Packer is a schismatic who has behaved shamefully and permanently injured his reputation. I suppose he can claim old age or advancing dementia, but he really did conspire in secret to split congregations and deter reconciliation. Though I live only an hour from J.I. Packer, I have never had the pleasure of meeting him or hearing him speak other than on the web. I have had the misfortune of his followers forming a secret schismatic group and plotting to take legal control of my parish buildings….

    As an “orthodox” Episcopal layman involved in planting new missions, I don’t have the energy to worry about the schismatics. I hope that someday we will all be reconciled to one another and to God. But I’m too busy helping the Episcopal Church grow and evangelize to worry about the people who are upset with it. Arguing about women in ministry and gay priests is not the work of the Church. Our work is to love one another and to make disciples of Jesus in the world. And that is all that most Episcopalians are worried about.

    I hope you recharge your batteries and post again soon. As for you being a hothead, you’ll have to do better than this…

    God bless you and your blogmates.

    Reply

    1. Scott,

      Thanks for the encouragement! I still wonder if there will be a place for me in Anglicanism, ultimately I’ll go with the Communion at large, but it is great to hear from people doing Gospel work. Peace

      Reply

  2. I posted this comment at the iMonk discussion thread but then saw a link there to this blogpost of yours and thought you would be more likely to read this comment here.

    ****

    You wrote at iMonk (25 Jun 2009 at 10:18 pm):

    Keep in mind that thought Packer left, Wright stayed. Two powerful Evangelicals. Who’s right and who’s wrong? Perhaps you can enlighten me as it seems you understand the issue intimately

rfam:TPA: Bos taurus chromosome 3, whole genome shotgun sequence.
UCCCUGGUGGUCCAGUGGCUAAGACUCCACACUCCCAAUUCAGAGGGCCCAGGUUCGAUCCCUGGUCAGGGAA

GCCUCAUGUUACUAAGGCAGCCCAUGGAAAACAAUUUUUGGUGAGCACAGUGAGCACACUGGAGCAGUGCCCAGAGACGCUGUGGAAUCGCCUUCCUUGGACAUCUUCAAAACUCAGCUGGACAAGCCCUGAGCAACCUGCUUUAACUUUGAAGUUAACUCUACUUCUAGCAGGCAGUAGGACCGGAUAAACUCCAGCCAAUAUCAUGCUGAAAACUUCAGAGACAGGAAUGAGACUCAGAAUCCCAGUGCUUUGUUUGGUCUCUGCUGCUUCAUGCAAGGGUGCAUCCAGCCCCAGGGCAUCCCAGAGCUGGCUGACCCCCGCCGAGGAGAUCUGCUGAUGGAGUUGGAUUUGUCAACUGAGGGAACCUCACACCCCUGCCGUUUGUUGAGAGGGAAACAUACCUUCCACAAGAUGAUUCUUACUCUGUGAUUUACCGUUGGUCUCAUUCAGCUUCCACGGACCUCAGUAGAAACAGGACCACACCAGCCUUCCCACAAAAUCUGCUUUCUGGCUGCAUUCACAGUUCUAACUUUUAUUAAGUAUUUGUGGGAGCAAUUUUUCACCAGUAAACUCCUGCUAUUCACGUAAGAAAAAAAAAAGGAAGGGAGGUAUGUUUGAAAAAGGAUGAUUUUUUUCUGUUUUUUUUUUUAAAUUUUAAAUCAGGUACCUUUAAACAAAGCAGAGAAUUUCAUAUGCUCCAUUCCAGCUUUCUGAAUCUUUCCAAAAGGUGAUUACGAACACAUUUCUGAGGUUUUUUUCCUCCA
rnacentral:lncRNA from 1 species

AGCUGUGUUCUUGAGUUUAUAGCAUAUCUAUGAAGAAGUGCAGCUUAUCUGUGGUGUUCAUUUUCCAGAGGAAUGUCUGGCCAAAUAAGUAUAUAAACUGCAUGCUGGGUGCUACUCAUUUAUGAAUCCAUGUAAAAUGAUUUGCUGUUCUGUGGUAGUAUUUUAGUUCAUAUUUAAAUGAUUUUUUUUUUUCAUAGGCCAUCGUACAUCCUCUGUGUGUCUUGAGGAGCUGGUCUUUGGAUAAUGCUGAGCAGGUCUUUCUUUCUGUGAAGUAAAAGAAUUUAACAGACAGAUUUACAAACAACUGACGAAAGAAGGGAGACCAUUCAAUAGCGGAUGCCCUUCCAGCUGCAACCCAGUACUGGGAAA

****

    Well, whatever you think about the rights and wrongs of JI Packer’s decision (and I’m
    not going to comment on that here), I would humbly suggest that you are wrong to draw a comparison here between Wright in the Church of England and Packer and in the Anglican Church of Canada for the simple reason that the C of E is not the ACC (or indeed that the Diocese of New Westminster is not the rest of the ACC). In other words, Packer in Canada and Wright in England are responding to two very different local contexts and you can only judge a decision to “stay” or “leave” in relation to the provincial church (or diocese thereof). “The Anglican Communion” doesn’t exist in a vacuum but necessarily exists in relation to its local parts. Packer’s decision to “leave” and Wright’s decision “to stay” are not just decisions to “leave” or “stay” in “the Anglican Communion” but rather are decisions to “leave” or “stay” in their respective local Anglican churches (the ACC and the C of E). They are two fundamentally different decisions. As a communicant member of the Church of England I can tell you that the thought of leaving the C of E has never crossed my mind for the simple reason that the C of E has not (yet?) done anything that would make me question whether I should stay or leave; but the hypothetical situation of what would I do if I were in TEC or ACC certainly has for the simple reason that TEC and ACC *have* done things which would make me ask these questions.

    Reply

    1. Apodeictic,

      If you would not in this post that you are commenting on I indeed say that the comparison between Wright and Packer was not as analogous as I was going for. So, I agree. thank you though for checking out the site

      Reply